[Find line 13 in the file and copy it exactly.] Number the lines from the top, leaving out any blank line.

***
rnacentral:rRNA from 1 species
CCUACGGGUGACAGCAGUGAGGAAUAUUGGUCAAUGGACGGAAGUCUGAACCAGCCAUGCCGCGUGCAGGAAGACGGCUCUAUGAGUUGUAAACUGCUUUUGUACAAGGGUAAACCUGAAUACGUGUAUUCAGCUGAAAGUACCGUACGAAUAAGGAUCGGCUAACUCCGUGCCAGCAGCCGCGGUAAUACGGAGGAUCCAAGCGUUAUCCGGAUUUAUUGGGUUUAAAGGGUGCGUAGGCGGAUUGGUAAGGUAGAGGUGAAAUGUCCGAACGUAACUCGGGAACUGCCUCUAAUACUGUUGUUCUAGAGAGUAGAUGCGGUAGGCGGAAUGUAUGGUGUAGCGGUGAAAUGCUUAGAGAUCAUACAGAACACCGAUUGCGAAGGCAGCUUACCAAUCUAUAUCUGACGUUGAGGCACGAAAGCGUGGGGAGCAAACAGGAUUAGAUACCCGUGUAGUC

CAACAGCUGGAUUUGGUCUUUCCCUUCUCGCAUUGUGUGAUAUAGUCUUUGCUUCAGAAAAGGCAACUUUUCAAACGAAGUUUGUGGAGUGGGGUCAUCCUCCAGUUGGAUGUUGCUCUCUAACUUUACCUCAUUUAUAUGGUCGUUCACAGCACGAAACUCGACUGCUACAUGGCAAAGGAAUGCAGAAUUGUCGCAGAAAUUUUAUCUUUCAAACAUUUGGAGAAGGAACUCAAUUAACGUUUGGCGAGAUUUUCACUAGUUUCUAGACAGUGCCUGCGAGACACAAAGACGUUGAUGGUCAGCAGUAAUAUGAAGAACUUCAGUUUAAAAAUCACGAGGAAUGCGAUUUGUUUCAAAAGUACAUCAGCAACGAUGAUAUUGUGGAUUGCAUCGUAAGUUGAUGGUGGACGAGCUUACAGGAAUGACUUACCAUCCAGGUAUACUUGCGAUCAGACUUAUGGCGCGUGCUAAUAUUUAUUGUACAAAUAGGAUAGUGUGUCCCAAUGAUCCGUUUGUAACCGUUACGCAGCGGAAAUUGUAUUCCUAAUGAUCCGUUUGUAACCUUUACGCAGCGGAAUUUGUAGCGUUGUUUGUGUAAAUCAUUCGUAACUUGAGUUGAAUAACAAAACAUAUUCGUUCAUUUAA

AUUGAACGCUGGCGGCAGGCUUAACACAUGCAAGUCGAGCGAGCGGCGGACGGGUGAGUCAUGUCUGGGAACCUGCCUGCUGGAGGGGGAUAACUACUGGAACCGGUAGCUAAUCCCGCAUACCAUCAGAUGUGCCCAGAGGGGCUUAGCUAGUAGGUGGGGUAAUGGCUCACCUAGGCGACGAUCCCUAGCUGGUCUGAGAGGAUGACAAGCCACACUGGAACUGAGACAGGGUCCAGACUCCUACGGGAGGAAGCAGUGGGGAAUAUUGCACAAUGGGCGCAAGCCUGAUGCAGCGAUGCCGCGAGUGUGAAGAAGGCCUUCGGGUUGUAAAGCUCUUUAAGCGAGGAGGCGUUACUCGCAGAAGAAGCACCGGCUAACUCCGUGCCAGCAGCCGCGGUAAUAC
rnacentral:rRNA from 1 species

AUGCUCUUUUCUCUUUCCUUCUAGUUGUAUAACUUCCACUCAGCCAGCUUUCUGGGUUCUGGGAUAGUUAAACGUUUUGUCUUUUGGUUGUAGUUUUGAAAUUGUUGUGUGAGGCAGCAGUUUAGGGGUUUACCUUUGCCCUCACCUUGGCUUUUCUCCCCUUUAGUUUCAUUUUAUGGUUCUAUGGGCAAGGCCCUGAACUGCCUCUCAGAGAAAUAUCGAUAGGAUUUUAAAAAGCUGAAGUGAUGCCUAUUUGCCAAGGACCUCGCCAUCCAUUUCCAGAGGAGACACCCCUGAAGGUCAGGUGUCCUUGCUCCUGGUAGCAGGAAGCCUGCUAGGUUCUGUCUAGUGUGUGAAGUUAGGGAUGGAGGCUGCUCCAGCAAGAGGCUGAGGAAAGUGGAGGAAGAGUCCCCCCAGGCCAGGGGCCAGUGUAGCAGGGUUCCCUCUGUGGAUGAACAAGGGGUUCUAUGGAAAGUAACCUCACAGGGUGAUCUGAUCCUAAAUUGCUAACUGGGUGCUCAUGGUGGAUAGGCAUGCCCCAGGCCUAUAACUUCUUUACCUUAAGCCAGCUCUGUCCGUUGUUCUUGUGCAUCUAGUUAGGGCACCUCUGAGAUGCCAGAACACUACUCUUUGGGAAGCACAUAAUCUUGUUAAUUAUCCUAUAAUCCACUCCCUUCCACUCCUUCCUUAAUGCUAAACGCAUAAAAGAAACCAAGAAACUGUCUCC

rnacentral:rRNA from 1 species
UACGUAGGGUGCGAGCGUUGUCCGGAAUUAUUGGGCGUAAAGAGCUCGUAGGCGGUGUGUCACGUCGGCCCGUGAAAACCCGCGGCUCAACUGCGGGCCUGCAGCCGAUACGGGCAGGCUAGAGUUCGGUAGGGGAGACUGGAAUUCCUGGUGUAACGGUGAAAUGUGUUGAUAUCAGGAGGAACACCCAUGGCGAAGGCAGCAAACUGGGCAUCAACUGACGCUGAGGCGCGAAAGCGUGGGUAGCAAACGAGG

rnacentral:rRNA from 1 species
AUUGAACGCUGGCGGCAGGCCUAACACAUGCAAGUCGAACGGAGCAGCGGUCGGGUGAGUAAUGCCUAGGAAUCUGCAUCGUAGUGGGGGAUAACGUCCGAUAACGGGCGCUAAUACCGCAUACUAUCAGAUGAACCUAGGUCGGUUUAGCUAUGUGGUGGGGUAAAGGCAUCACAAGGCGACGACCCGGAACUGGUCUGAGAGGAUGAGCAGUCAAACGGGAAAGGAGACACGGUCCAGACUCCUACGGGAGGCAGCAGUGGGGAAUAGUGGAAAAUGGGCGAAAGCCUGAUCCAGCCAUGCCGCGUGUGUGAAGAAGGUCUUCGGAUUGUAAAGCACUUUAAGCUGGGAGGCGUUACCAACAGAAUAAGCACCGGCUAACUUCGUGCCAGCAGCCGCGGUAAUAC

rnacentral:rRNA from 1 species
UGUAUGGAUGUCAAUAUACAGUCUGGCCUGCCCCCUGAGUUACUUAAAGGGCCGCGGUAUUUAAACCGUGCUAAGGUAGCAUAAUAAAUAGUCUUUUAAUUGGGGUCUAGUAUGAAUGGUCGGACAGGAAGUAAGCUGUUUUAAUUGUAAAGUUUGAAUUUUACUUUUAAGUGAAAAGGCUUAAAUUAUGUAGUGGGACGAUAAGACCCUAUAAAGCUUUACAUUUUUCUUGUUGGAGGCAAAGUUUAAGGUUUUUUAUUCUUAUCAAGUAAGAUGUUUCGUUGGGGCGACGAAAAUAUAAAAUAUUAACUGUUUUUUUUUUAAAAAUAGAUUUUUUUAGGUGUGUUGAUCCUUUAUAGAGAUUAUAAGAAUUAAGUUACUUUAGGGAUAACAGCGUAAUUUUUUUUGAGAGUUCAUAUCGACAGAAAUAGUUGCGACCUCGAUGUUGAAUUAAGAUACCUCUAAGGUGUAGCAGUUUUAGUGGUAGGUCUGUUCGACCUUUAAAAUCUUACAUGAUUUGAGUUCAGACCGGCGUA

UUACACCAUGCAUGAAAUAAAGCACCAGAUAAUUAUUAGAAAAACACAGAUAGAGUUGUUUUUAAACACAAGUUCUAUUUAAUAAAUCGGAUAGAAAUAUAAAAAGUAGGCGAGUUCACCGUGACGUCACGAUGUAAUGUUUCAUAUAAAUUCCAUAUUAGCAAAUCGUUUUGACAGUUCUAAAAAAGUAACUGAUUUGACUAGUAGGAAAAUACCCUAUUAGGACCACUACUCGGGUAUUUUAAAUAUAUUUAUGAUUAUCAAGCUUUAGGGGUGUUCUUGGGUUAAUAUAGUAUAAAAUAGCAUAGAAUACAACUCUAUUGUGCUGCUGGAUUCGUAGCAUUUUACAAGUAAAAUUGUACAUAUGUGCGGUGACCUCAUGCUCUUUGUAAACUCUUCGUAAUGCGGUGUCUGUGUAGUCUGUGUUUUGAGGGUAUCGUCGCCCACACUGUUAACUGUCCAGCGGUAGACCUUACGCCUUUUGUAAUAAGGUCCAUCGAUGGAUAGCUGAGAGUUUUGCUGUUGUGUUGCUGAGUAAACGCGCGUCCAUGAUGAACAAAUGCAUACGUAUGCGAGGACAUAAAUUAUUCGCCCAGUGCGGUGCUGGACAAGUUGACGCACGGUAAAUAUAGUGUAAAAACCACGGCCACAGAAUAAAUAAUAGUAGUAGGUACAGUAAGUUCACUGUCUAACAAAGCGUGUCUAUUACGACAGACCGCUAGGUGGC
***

UUACACCAUGCAUGAAAUAAAGCACCAGAUAAUUAUUAGAAAAACACAGAUAGAGUUGUUUUUAAACACAAGUUCUAUUUAAUAAAUCGGAUAGAAAUAUAAAAAGUAGGCGAGUUCACCGUGACGUCACGAUGUAAUGUUUCAUAUAAAUUCCAUAUUAGCAAAUCGUUUUGACAGUUCUAAAAAAGUAACUGAUUUGACUAGUAGGAAAAUACCCUAUUAGGACCACUACUCGGGUAUUUUAAAUAUAUUUAUGAUUAUCAAGCUUUAGGGGUGUUCUUGGGUUAAUAUAGUAUAAAAUAGCAUAGAAUACAACUCUAUUGUGCUGCUGGAUUCGUAGCAUUUUACAAGUAAAAUUGUACAUAUGUGCGGUGACCUCAUGCUCUUUGUAAACUCUUCGUAAUGCGGUGUCUGUGUAGUCUGUGUUUUGAGGGUAUCGUCGCCCACACUGUUAACUGUCCAGCGGUAGACCUUACGCCUUUUGUAAUAAGGUCCAUCGAUGGAUAGCUGAGAGUUUUGCUGUUGUGUUGCUGAGUAAACGCGCGUCCAUGAUGAACAAAUGCAUACGUAUGCGAGGACAUAAAUUAUUCGCCCAGUGCGGUGCUGGACAAGUUGACGCACGGUAAAUAUAGUGUAAAAACCACGGCCACAGAAUAAAUAAUAGUAGUAGGUACAGUAAGUUCACUGUCUAACAAAGCGUGUCUAUUACGACAGACCGCUAGGUGGC